The hideout has even more secrets to reveal. As I search through the detritus something catches my eye.
It looks irrelevant at first. The notebook is in tatters, hanging by a thread. Someone has scribbled the same Islamic poem and a prayer verse several times over a few pages, as if to etch them into memory. There are mistakes, the handwriting is shabby, the structure unappealing. This definitely doesn’t belong to Abu Ali.
But then numbers emerge, names, tables, tabulations and permutations. Whoever scribbled those names and numbers had the authority to dispatch patrols, put men on shifts together, see how many rounds they fired and how many they need for their next outing.
It definitely belongs to someone senior at that farmhouse, possibly the commander of those men. I discover his name is Abu Hashem.
The notebook reveals its secrets – it is a unit’s logbook from the Al-Buseif Air Defence Brigade, a sub-unit of the Nineveh Fire Support Group. They must have all been sharing the same farmhouse.
All in all, Abu Hashem commanded eight men and two vehicles. They formed the bulk of the Al-Buseif Air Defence mobile patrol. They drove a Hyundai pickup truck with a double-barrel anti-air cannon, and another pickup truck with a smaller calibre, single barrel heavy machine gun. Both vehicles were white, which is reportedly the preferred colour for Islamic State combat vehicles because they’re easier to camouflage with dirt and blend into the terrain.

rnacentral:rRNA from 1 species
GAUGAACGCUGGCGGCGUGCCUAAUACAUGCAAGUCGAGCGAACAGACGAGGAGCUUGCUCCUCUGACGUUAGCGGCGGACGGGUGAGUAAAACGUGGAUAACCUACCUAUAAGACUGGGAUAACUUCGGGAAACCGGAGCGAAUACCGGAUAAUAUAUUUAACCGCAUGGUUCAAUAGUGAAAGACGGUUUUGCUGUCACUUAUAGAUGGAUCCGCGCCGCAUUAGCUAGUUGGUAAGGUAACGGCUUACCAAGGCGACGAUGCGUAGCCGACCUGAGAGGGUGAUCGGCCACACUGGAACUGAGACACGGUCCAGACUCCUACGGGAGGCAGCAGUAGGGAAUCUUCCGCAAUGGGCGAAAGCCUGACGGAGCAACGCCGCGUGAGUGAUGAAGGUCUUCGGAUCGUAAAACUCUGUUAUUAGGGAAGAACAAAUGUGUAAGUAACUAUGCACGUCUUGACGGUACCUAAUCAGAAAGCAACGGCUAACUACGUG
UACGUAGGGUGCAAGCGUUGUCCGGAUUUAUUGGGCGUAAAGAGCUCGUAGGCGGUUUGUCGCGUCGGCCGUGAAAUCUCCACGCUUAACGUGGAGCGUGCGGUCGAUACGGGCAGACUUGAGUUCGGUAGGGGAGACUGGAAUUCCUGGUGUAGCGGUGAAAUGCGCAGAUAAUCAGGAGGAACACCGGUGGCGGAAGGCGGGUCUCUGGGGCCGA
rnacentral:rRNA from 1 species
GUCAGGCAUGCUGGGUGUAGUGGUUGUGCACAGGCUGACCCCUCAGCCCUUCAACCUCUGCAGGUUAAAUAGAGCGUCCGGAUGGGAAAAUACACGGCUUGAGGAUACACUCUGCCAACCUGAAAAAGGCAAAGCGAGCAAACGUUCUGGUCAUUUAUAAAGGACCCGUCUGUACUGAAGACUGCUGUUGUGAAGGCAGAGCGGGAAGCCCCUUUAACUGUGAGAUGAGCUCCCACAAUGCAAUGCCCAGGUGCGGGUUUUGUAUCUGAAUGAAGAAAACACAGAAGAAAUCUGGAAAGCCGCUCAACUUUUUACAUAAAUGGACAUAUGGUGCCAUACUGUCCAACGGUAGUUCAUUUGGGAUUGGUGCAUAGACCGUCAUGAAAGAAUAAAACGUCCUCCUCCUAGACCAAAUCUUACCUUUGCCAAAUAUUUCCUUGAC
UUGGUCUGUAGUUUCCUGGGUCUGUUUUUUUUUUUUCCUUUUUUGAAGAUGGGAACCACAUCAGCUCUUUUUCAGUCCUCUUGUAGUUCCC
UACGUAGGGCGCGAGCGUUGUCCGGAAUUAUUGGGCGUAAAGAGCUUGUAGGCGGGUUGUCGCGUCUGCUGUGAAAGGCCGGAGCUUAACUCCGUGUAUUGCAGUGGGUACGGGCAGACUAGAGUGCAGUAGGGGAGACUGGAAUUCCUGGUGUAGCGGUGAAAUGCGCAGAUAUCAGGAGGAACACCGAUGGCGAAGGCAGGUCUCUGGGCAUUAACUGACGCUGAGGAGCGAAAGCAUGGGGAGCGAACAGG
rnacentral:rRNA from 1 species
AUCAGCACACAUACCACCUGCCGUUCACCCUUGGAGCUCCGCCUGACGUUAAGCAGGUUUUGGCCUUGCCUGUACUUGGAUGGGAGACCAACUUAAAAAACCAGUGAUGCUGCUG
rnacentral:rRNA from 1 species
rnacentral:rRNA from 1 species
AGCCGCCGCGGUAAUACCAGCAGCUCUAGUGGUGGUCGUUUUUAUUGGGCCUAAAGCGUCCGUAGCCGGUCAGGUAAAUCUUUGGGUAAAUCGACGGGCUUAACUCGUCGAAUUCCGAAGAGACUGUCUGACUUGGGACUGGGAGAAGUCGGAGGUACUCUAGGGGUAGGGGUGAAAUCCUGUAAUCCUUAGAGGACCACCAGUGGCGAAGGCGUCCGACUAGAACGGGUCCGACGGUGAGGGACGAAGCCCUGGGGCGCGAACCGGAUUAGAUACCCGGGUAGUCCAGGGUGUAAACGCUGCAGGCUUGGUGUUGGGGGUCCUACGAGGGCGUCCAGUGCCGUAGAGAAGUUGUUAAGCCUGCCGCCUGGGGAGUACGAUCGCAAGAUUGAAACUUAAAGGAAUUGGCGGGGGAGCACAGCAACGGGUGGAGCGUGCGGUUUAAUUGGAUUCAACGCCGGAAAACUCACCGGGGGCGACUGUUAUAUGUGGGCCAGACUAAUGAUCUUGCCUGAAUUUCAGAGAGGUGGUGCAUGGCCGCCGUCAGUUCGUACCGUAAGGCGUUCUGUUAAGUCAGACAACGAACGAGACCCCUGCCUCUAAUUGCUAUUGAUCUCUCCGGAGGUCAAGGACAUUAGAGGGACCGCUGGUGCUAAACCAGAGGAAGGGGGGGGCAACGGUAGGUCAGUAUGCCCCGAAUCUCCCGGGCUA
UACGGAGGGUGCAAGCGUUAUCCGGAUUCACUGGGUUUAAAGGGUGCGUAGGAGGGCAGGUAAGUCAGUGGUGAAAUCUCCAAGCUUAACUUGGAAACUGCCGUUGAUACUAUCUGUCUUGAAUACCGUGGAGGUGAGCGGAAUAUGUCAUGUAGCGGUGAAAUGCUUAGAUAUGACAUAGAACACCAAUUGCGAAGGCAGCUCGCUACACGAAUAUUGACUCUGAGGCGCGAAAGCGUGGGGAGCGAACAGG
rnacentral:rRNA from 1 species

Commander Abu Hashem appears to have been diligent. He meticulously records the sorties, the types of weapons used, the chassis number of his trucks, how many rounds they had, their type, how many rounds fired – even the faulty ones.
Not only was he a good logistician, but he also understood how small units worked. The record shows how he tried to foster and strengthen bonds between his men. Scheduling their lives, Abu Hashem made sure to couple fighters serving on the same vehicle to have meals together.
And so, while he’s having lunch with Abu Riad, his driver, Abu Hafs, the driver of the other vehicle is paired with a gunner, Abu Al-Sham.
The commander, his logbook shows, has clearly put some thought into this. He worked on two possible permutations, crossing off names before putting in a clean draft.
The burden of command must have weighed heavily on Abu Hashem’s mind while commanding his troops. This, however, didn’t soften him up.